Skip to content

Using display and xwindows – useful reference for the new oracle dba

As a new oracle dba you want to run some gui tool on a unix operating system but you want the gui window to open on your screen. to enable this you have to make some configuration changes which this article tries to explain. so if you want to use the netca tool or dbca tool on a unix operating system , you must do the below setup before the gui screens display on your local machine.If you have any problems always ask your unix administrator for help.

X11 and OpenWindows Packages

X11 and OpenWindows both allow programs running on remote hosts to create windows on the local display. To set this up, you need to perform the following steps:

  1. Enable the remote host to create windows on the local display. If you are using OpenWindows, this step is not necessary. If you are using xauth under X11, this step is not necessary. If you are not using xauth under X11 (or if you’re not sure), you need to use the xhost command to allow the remote host (the one running SunOS) to create windows on the local display. To do this, type:
2.                       % xhost +sunos-host

Once you are done using the package, you may want to remove access for this host again; to do this type:

             % xhost -sunos-host
  1. Log in to the remote host (the one running SunOS).
  2. Set your DISPLAY environment variable so that it indicates your local host (the one running Solaris), display number zero. This can be done with the command
  4.      in the C shell (csh), and with the commands
  6.              DISPLAY=solaris-host:0
  7.              export DISPLAY
  9.      in the Bourne shell (sh) and Korn shell (ksh).
5.                       setenv DISPLAY solaris-host:0

13.  Execute the package as you normally would.

For example, to use MATLAB to plot a vector, you might perform the following steps. (Note that you don’t really need to do this for MATLAB, since it is available for Solaris.)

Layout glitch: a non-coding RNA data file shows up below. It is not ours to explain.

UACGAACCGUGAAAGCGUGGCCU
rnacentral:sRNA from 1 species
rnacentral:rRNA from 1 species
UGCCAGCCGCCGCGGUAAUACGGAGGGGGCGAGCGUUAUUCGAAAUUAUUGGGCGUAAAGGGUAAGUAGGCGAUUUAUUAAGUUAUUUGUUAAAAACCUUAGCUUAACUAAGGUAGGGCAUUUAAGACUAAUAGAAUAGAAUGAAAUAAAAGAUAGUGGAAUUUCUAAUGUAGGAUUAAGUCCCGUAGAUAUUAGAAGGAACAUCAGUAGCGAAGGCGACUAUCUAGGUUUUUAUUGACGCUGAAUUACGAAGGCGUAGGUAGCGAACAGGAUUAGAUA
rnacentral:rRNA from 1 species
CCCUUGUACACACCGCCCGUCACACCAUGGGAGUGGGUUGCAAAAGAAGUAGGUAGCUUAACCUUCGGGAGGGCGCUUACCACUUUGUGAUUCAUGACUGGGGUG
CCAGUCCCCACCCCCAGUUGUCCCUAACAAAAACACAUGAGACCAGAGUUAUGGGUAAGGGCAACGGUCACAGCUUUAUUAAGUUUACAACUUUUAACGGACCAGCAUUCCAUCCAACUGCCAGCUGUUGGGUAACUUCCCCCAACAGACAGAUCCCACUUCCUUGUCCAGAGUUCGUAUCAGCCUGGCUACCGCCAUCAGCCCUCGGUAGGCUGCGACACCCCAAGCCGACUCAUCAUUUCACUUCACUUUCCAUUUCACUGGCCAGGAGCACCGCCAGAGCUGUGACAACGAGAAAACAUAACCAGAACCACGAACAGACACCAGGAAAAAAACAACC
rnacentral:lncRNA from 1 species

solaris-host% xhost +sunos-host               allow display access
        solaris_host% rlogin sunos-host
        ....message of the day, etc...
        sunos-host% setenv DISPLAY solaris-host:0     set display variable
        sunos-host% matlab


Make sure that your local xserver is listening for incomming connections (on the machine you initiate the connection from), then make sure you authorize the xclient to connect to it.

man xhost will give you the needed info for this.

If you are able to run xclock then the above step is not needed.

Then on the remote end export your display variable:

export DISPLAY=

where is the ip address of the machine you initiate the connection from.




Registered User


Join Date: Sep 2008

Posts: 40

Thanks: 0

Thanked 0 Times in 0 Posts


The better way – set DISPLAY automaticly :
add next strings in /etc/profile and relogin

DISPLAY="`who -m | cut -f2 -d'(‘ | cut -f1 -d’)’`:0.0"
export DISPLAY



Let’s say you are on machine Y, connect to A, and then to B (from A).

As far as I understand the situation, you can not connect from Y to B straighly from Y, so there is no connection:
   Y –> B   for telnet
so, i beleive there is no such connection for X11
(that is, when you are on B, and set your DISPLAY to Y:0.0
this does not work). So, there is no connection:
   B –> Y   for X11

The best way to solve this is to connect to A and then to B using SSH with X11 forwarding (AFAIK, its the default).
So, you will have:
   Y –> A –> B  for SSH and X11
   Y <– A <– B  for SSH and X11

I beleive, this may be enough good for you.

(Or, you can do a program xforward (or similar) running on machine A.)

i don’t think you can do it through putty.

You should use either xmanager or exceed or reflextion etc… for access x tools…


As mentioned in other experts comments, you need to install X server for Windows in
your PC before you can use it for running remote X application from *nix box.
You can install Xwin32, reflextion X, Cygwin (free) on your PC.

After you install X server, you can enable X tunneling for your secure shell, and run
your X applications from the remote server, DISPLAY will automatically set for you.

X11 Tunneling

The Secure Shell 2 client can securely tunnel (forward) X11 graphic connections from the remote host computer to an X- Windows server running on the local computer.

Note: You must also be running an X emulator such as Exceed or Reflection X in passive mode on the Windows computer for X11 tunneling to work.

To tunnel (forward) X11 traffic, perform the following tasks:

  1. Install an X server (X emulation) program on Windows (eXceed, Reflection X, or the like).
  2. Start SSH Secure Shell for Workstations.
  3. Select the Edit -> Settings… -> Tunneling option and make sure that the Tunnel X11 connections checkbox is selected.
  4. Save your settings for SSH Secure Shell for Workstations.
  5. Quit the client, start it again and log into the remote host.
  6. Start the X server (X emulation) program.
  7. Run xterm or xclock from Secure Shell, and it should work
VN:F [1.9.22_1171]
Rating: 0.0/10 (0 votes cast)
VN:F [1.9.22_1171]
Rating: 0 (from 0 votes)

Post a Comment

You must be logged in to post a comment.